KUALA LUMPUR, July 14 — Malaysia has the option of taking back Muhammad Rizalman Ismail even if the junior envoy is found guilty by a New Zealand court of burglary and attempted rape, according to a report in a Kiwi paper.
Citing Stephen Hoadley, associate professor of political studies at Auckland University, the New Zealand Herald reported yesterday that the Malaysian military aide, however, is most likely to serve out his sentence in the Pacific country if convicted.
But of urgent concern for all sides in the case that threatened to unravel Malaysia-New Zealand ties is whether or not Muhammad Rizalman will be given a fair trial in light of the media attention in both countries.
Citing Peter Williams, a Queens Counsel, the New Zealand Herald reported that it was possible for the defence to apply to strike out the charges against the 38-year-old former staff assistant at the Malaysian High Commission in Wellington, on the grounds that media coverage could prejudice his right to a fair trial.
“Such an application is very difficult. It is very seldom that an indictment is struck out on the grounds of there having been a lot of publicity but it would be worth a go,” Williams was quoted saying.
If the application is rejected, Muhammad Rizalman will have to face the due process of New Zealand law and stand trial before a judge and 12 jurors, unlike in Malaysia, which no longer has a jury system.
A judge-alone trial was possible but unlikely, according to Williams, who said, “Usually, there are two sides to be considered and you need the common sense of a judge.”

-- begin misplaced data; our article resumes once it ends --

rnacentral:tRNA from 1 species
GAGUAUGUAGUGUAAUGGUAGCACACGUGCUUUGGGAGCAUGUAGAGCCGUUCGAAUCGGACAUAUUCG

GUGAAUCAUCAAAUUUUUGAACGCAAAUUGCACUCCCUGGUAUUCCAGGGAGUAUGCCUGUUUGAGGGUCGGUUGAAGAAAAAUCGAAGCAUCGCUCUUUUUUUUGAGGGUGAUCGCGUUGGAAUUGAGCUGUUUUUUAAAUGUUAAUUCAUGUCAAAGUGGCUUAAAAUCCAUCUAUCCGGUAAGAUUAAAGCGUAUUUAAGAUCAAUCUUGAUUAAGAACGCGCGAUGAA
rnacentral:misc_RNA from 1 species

Muhammad Rizalman was arrested by Kiwi police on May 9 on allegations of burglary and attempted sexual assault on 21-year-old Tania Billingsley.
He was charged in a New Zealand court the next day for burglary and assault with intent to commit rape, with both charges carrying the maximum penalty of a 10-year jail term.
The junior envoy has since returned to Malaysia after invoking diplomatic immunity and is currently under medical scrutiny at a military hospital here.
The manner of his exit from New Zealand was earlier the cause of an embarrassing exchange between the two countries, although Wellington later admitted its officials were responsible for the ambiguity that led Malaysia to believe it could recall him.
Last Wednesday, Billingsley revealed herself as the woman at the centre of the sex case that had nearly unravelled New Zealand-Malaysia ties.
She said she chose to forego court protection of her identity because she was “frustrated” and “angry” with her country’s leaders for their lackadaisical response to her alleged assault.
Muhammad Rizalman had been due to be sent back to New Zealand to face charges of burglary and attempted rape on Monday, but this was delayed after a psychiatric examination found him to be depressed and withdrawn.
He is expected to undergo another round of tests to evaluate his fitness to travel.
Defence Minister Datuk Seri Hishammuddin Hussein previously conveyed Malaysia’s commitment to send the warrant officer back to stand trial in New Zealand, while repeating caution against a trial by media.
But Armed Forces chief General Tan Sri Zulkefli Mohd Zin also said Muhammad Rizalman will return to New Zealand only “when appropriate.”